When you start to read this, you will think that I am just repeating an earlier blog. However, I thought about this and I think I have a little more insight into what is going on. I still do not agree with a senior who does not compete in a spring sport that they have been in their previous three years in school. I think they owe it to their teammates to compete in their fourth year. Their leadership and experience is needed for a championship team. Where I sympathize with the kid is the fact that after getting up at 5 a.m. for four seasons of sports such as football and basketball, they are simply tired. I know the coaches of these major sports I just mentioned are tired as well of the year-round rat race, but they are forced to do it because the competition is doing it. If they cut back, you can guess what the results will be for their programs. The IHSAA and other state organizations must do something to stop the madness. Any senior who has gone through one of these programs (football, basketball, and recently added to this are soccer and volleyball) comes to the spring and realizes he/she only has a few months of high school remaining as just a student. This is why they don’t want to participate. Most spring sports are not 12-month sports, and therefore, can just be enjoyed. So, seniors, just go out and have fun–you will help your team while having a ball!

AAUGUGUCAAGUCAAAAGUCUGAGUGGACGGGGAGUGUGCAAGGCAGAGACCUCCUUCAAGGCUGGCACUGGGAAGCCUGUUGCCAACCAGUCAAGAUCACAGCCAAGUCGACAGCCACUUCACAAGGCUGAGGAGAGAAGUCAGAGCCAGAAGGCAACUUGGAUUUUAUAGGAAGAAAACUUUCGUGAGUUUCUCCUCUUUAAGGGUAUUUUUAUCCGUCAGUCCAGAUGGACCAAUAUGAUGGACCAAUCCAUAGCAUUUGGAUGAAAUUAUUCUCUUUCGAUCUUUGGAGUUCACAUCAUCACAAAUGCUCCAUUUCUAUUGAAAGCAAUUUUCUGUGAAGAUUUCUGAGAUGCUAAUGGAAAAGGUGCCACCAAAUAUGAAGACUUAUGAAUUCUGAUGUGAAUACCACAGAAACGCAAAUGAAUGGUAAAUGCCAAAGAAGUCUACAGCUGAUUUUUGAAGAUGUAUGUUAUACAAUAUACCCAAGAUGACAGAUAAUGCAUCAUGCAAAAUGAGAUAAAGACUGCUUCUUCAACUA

The University of Wisconsin men’s basketball team returned to Madison after an overtime thriller Saturday at Madison Square Garden in New York, where the Badgers overcame improbable Rutgers University in a defensive showdown.Head coach Greg Gard acknowledged the offensive woes, but was also proud of the way his team kept playing loose and confident throughout the entire game.Wisconsin scored fewer points than minutes expired through the first 36 minutes of play, and with 3:22 on the clock the Badgers faced a seemingly insurmountable nine-point deficit (41-32).Women’s hockey: Badgers set NCAA attendance record at Kohl Center amid three-game homesteadWisconsin routed Minnesota State University, Mankato to cap off a three-week homestead that featured an NCAA record-setting attendance for a women’s Read…The Badgers trailed for most of the second half until a bucket by sophomore forward Ethan Happ tied the game 45-45 with less than three seconds on the clock to force overtime.“We struggled to score and put the ball in the basket,” Gard said. “[The players] did a good job of staying loose.”The Badgers had one of their worst three-point shooting games of the season against the Scarlet Knights, but Gard offered up some of his best jokes as evidence of how he kept the players loose and upbeat during the rough offensive performance.“Why did the cookie go to the hospital?” Gard joked. “He was feeling crummy.”Jokes like this one and relentless effort from senior leader Zak Showalter helped the Badgers stay and do just enough to force an overtime period. Gard complimented Zak Showalter for his efforts throughout the game.“It was the energy and toughness plays,” Gard said. “[Showalter] contributes in a lot of ways.”With the rebound momentum from Saturday’s win at Madison Square Garden, the Badgers travel to Champaign to take on the University of Illinois. The Fighting Illini have proven to be much better at home than away this year, presenting a tough challenge for a Badger team trying to stay tied atop the Big Ten standings.“They are a much more potent team, for whatever reason, at home,” Gard said.Hayes: Biegel, Clement could use 2017 Reese’s Senior Bowl to climb NFL draft boardsWhile their careers on the field for Wisconsin may be over, Badger seniors Corey Clement and Vince Biegel have one Read…Gard was also asked about the release of the first four seeds from every region on Feb. 11 and seemed to reflect the attitude many have had since the early projections were announced.“We play two to three times a week, it could change tomorrow,” Gard said. “In terms of our approach, it does not change.”The newly crowned No. 10 Badgers will attempt to continue their ascent up the polls Tuesday night with an 8 p.m. tip at Illinois.